Potty Training 101

Potty Training 101

In our previous post on ‘What You Need to Know About Reusable Nappies’, we discussed the convenient and environmentally friendly alternative to disposables. Reusable nappies aren't as time-consuming and messy as they seem, but parents will get tired of washing fabric nappies at some point. This is why you should potty train your child as soon as possible so you can eventually say goodbye to all types of nappies.A study from Sweden on potty training suggests that early toilet training can prevent gastrointestinal and urinary tract disorders in children, as potty training helps improve bowel and bladder control.

While potty training can be messy and difficult, making it fun for your little one can help them learn faster. In fact, author and potty training expert Jamie Glowacki explains that most children are probably ready to be potty trained earlier than you think — between 20 to 30 months — and your toddler can likely master the basics in a few days. While every child is different and will start at different ages, our guide here today will share tips on how to accomplish potty training in record time:

Put the "potty" in potty training
Going to the potty after months of nappy use can be difficult for toddlers. It’s a new environment and a new way of doing their business, so allowing your child to familiarise themselves with the potty can help them feel more excited about this new habit. According to paediatricians, the fun can be as simple as letting your child pick out potty colours and designs or letting them watch videos and listen to songs near the potty.

Reward potty successes and encourage attempts
You can’t rush your child if they are simply not ready. Let them take their time on the potty without a nappy on, then stay and wait with them while playing with a toy. You can even read a book like Everyone Poops to help educate your little one on common bodily functions. Remember that toilet training takes time and patience; sometimes, your little one will get up without having done anything. Don’t take this as a sign to discipline or scold your child, but compliment them for trying and let them know that they can try again later.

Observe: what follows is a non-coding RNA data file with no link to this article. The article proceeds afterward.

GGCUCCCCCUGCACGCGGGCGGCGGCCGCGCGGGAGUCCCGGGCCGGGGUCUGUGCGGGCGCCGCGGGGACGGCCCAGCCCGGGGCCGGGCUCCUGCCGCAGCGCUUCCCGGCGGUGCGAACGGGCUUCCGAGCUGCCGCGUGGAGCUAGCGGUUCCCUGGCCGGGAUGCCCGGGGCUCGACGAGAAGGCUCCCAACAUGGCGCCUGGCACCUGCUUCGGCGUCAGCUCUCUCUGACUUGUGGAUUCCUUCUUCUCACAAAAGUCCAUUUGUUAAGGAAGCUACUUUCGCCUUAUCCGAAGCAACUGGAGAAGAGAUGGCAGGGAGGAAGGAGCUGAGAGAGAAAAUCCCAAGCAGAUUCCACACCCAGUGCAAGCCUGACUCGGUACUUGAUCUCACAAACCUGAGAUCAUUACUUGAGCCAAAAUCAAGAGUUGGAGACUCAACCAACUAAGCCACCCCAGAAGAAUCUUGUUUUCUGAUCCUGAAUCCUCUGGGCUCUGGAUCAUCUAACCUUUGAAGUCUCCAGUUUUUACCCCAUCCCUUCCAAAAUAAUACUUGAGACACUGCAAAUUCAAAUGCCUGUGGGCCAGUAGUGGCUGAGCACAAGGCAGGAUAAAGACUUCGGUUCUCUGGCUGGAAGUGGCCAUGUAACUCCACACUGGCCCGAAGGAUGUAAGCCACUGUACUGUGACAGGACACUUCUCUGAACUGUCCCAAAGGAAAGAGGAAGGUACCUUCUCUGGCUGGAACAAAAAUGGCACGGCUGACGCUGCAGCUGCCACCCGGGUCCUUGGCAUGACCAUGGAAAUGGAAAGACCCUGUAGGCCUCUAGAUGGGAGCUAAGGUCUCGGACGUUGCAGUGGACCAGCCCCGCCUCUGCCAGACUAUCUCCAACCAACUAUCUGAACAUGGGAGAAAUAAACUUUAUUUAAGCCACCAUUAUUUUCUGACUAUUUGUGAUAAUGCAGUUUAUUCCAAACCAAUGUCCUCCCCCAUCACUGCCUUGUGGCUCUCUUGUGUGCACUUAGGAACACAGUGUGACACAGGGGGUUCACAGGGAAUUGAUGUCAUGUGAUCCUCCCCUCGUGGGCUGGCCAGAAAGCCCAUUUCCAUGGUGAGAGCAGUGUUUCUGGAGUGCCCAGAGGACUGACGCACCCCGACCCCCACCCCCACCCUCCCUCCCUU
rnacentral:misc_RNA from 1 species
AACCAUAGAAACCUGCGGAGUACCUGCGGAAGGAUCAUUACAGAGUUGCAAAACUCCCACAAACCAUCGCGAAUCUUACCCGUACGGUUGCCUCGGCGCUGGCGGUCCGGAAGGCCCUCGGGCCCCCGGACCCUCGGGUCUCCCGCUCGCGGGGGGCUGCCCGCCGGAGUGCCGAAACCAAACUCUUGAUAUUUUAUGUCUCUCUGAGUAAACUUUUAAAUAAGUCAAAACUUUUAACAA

Follow a potty schedule
Working potty training into a schedule will make it easier for your child to slowly build the habit. Psychology professor Nancy Darling Ph.D. emphasises the importance of building habits for a child’s psychological and behavioural development, and potty training makes for great early practice. Giving your child potty time first thing in the morning, before leaving the house, or before naps or bedtime will help get your child used to a routine. Before you know it, they'll want to "go" on their own!

Practise good hygiene
Teaching your child to wash their hands after potty time is an important part of the learning process. Encouraging general cleanliness with children will also keep them healthier and germ-free in the long run. Colourful kid-friendly soap or a little music to accompany these practices will help your child enjoy the experience.

Ultimately, deciding when to potty train your child comes down to whether or not they are ready to let go of the nappy. Potty training isn’t something you can force or discipline a child into. Making the process an easy and enjoyable one for your child will be less straining on your patience. If your child starts expressing themselves when they need to “go”, showing interest in your bathroom or how to use the toilet, and is able to physically pull their clothes up and down, then it may just be the right time for them.
Written exclusively for Kaliedy.com by Angel Crestwood
Back to blog